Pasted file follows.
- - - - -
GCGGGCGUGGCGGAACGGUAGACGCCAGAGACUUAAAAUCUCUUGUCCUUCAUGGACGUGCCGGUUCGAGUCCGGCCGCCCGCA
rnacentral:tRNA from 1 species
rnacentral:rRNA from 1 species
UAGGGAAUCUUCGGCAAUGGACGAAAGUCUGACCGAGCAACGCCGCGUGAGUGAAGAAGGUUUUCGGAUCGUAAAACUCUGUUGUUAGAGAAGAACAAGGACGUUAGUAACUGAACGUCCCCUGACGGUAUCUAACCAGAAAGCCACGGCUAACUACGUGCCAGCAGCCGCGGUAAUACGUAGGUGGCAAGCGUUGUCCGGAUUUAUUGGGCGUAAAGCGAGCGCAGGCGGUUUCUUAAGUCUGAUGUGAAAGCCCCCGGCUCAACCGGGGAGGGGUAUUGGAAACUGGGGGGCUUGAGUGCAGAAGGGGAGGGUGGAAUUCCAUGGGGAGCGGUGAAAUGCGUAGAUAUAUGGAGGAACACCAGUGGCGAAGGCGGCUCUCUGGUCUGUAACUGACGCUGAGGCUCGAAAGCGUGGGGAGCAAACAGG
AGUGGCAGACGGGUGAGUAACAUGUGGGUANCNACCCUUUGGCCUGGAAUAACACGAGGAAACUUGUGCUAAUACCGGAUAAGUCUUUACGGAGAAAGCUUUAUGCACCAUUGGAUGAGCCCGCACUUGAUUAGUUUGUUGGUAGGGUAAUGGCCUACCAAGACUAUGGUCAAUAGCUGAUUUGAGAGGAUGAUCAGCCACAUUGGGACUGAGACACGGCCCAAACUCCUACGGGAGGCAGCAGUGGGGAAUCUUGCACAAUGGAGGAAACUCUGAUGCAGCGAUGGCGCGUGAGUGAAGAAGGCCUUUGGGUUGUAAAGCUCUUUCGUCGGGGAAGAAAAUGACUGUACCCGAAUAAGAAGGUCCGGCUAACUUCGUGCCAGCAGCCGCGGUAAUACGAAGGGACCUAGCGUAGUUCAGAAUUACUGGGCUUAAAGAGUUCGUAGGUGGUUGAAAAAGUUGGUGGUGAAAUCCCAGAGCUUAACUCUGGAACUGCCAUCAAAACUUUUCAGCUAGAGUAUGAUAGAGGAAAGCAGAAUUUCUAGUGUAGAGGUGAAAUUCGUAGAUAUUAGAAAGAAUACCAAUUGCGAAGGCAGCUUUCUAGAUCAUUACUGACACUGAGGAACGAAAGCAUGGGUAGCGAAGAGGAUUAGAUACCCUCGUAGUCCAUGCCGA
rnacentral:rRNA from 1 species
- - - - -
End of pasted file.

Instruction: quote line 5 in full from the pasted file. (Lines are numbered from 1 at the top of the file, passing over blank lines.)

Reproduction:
AGUGGCAGACGGGUGAGUAACAUGUGGGUANCNACCCUUUGGCCUGGAAUAACACGAGGAAACUUGUGCUAAUACCGGAUAAGUCUUUACGGAGAAAGCUUUAUGCACCAUUGGAUGAGCCCGCACUUGAUUAGUUUGUUGGUAGGGUAAUGGCCUACCAAGACUAUGGUCAAUAGCUGAUUUGAGAGGAUGAUCAGCCACAUUGGGACUGAGACACGGCCCAAACUCCUACGGGAGGCAGCAGUGGGGAAUCUUGCACAAUGGAGGAAACUCUGAUGCAGCGAUGGCGCGUGAGUGAAGAAGGCCUUUGGGUUGUAAAGCUCUUUCGUCGGGGAAGAAAAUGACUGUACCCGAAUAAGAAGGUCCGGCUAACUUCGUGCCAGCAGCCGCGGUAAUACGAAGGGACCUAGCGUAGUUCAGAAUUACUGGGCUUAAAGAGUUCGUAGGUGGUUGAAAAAGUUGGUGGUGAAAUCCCAGAGCUUAACUCUGGAACUGCCAUCAAAACUUUUCAGCUAGAGUAUGAUAGAGGAAAGCAGAAUUUCUAGUGUAGAGGUGAAAUUCGUAGAUAUUAGAAAGAAUACCAAUUGCGAAGGCAGCUUUCUAGAUCAUUACUGACACUGAGGAACGAAAGCAUGGGUAGCGAAGAGGAUUAGAUACCCUCGUAGUCCAUGCCGA